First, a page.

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COSHH Regulations

18/02/2010

Clinical Negligence: Use of COSHH Regulations in Clostridium Difficile cases

18 March 2008

An article entitled “COSHHer Precedent for Clostridium difficile cases?” by Danielle Holme in Legal & Medical issue 29, March 2008, looked at the Clostridium difficile (“C. diff”) superbug and how the Control of Substances Hazardous to Health Regulations (“COSHH”) could help victims pursue compensation claims.

The issue of superbugs, in particular MRSA and C. diff cases, are rarely out of the daily news. The recent £5 million pay out in the High Court for Lesley Ash has put the issue of hospital acquired infection firmly back on the agenda.

This article looks at the proposition that C. diff Claimants, like MRSA Claimants, can bring claims through breach of duty of common law and breach of statutory duty.

The article refers to the case of Kitty Cope v Bro Morgannwyg NHS Trust as a “landmark” decision which “paves the way for other healthcare infection cases.”.

Under the COSHH Regulations, there is a duty on an employer (or NHS Trust in infection cases) to protect employers (or patients) against exposure to a biological agent, through appropriate decontamination and disinfection procedures. The lawyers in the Kitty Cope case argued that MRSA could be classified as a biological agent under the Regulations.

The article argues that it will be interesting to see if judges interpret C. difficile as coming under the definition of a biological agent.

By bringing a case under breach of statutory duty this would have the effect of reversing the burden of proof so that the Defendant would have to prove that they complied with the relevant decontamination and disinfection procedures.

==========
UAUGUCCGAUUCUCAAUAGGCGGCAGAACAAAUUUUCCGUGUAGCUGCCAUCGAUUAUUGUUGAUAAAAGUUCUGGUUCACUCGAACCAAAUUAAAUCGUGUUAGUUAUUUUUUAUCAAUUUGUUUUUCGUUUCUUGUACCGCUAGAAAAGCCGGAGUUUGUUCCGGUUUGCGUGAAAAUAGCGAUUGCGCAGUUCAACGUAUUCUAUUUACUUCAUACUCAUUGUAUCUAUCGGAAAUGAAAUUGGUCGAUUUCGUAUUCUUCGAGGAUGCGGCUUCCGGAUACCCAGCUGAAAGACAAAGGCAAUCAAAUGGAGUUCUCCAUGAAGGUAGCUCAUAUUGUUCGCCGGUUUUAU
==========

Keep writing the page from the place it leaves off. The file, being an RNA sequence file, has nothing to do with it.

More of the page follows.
Samantha Critchley, clinical negligence lawyer at Fieldfisher says:-

In my view I do not think bringing a case under the COSHH Regulations will act as a panacea for Claimants in bringing cases concerning hospital acquired infection whether this be MRSA, C. Difficile or any other organism for that matter. This and a number of other articles refer to the case of Kitty Cope as a “landmark” case. This was a case which was, in fact, settled without resort to a court hearing.

In the case of Ndri v Moorfields Eye Hospital NHS Foundation Trust [2006] EWHC 3652 (QB), I acted for Mrs Ndri, who alleged that her corneal graft had become infected with a bacteria called pseudomonas which resulted in the loss of sight in her right eye. The claim was brought both in negligence and under the 1999 COSHH Regulations.

Whilst the Judge, in this case agreed that pseudomonas could indeed be classified as a biological agent under the COSHH Regulations, he went on to say that it was clear from the whole structure of the Regulations that patients in hospital are not to be included amongst the persons to be protected. The Judge relied on an exclusion in the Regulations which stipulated that where the infective substance is “administered in the course of his medical treatment” there can be no breach of statutory duty.

We advanced an argument on behalf of Mrs Ndri that it was the corneal graft that was to be administered for her medical treatment and not the pseudomonas infection. The Judge was not persuaded. The Judge considered that whilst it was an ingenious attempt by the Claimant to argue that the COSHH Regulations applied and should therefore reverse the burden of proof the argument would not succeed.

Clearly, this decision is open to appeal. The case was brought under the 1999 COSHH Regulations as opposed to the more recent 2002 Regulations.

However, the Health & Safety Executive have expressly stated that they do not wish to get involved with clinical matters which are more appropriately dealt with elsewhere.

In my view, if there is a case where the Hospital Trust has failed to follow its own policy or guidelines then arguably, that would lead to a finding in negligence, in any event.

If there is a system failure, the Claimant will still need to be able to show that the breaches of the statutory duty resulted in injury. It may be very difficult for the Claimant to prove that they came into contact with the infection as a result of the particular breach”.

Fieldfisher is a leader in the field of clinical negligence claims.

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